A UFO crashes in the Nevada desert, near Las Vegas. TV reporter Natalie Gann ( Meredith Salenger ) gets there, but the real work is done by MIBs led by Henry Burke (Ciaran Hinds - Lara Croft: Cradle of Life ). With the help of his sidekick (Tom Everett Scott - American Werewolf in Paris ) they try to save the world from alien invaders.
A Las Vegas cab driver (The Rock - GI Joe: Retaliation ) gets an unwelcome fare - a couple of strange children. The girl is AnnaSophia Robb , and her brother is Alexander Ludwig ( Vikings ). They are being pursued by the MIBs, and an alien assassin. Luckily the kids have superpowers. To start with, they can take all the money from an ATM without even using a bank card. They are telekinetic, and have other abilities that are introduced as the plot requires.
Luckily, there is a Science Fiction convention in town. Most of the attendees are portrayed as geeky losers, but the Rock and the kids get help from alien investigator Carla Gugino who is giving a lecture there.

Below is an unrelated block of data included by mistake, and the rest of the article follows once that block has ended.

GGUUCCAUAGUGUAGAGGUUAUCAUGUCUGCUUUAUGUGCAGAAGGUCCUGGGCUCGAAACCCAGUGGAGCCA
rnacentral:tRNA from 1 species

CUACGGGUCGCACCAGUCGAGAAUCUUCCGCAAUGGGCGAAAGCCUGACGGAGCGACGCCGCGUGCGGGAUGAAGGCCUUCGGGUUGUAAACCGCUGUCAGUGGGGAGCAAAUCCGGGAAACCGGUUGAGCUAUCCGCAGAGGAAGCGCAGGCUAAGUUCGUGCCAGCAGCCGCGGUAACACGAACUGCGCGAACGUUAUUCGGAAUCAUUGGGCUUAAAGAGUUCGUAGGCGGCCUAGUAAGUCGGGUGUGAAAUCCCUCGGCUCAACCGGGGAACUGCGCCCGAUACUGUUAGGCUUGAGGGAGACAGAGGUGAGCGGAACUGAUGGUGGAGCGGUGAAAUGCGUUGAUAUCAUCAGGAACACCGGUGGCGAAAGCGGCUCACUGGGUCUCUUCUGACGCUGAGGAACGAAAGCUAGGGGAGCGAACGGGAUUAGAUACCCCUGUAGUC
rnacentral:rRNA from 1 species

The alien children must go to Witch Mountain, a secret MIB installation where the crashed UFO is stored. This leads up to a climactic encounter of sorts. Just as the alien assassin is infinitely more powerful than the MIBs SWAT team, so the Rock can easily beat up a few nerdy scientists.
Michael Keaton ( Batman ) and Gary Oldman ( Batman Begins ) create a black-clad superhero who acts as if he were above the law. Only Corporate goon Mattox (Jackie Earl Haley - Watchmen ) thinks this is a bad idea.
OCP builds killer robots for occupation duty in Third World countries (Iraq, Afghanistan, etc.). They are built to military specifications, and are not legally fit for Police Actions. Robocop is built as a prototype, combining the Central Nervous System of Detroit cop Alex Murphy with the body of a robot. However, he still has the conscience (and thus, the reflexes) of a mortal man. The OCP team remove this human element, so Robocop becomes more . well, robotic. Of course, this defies the whole purpose of using a human brain - the conscience! How will this go bad? Just watch!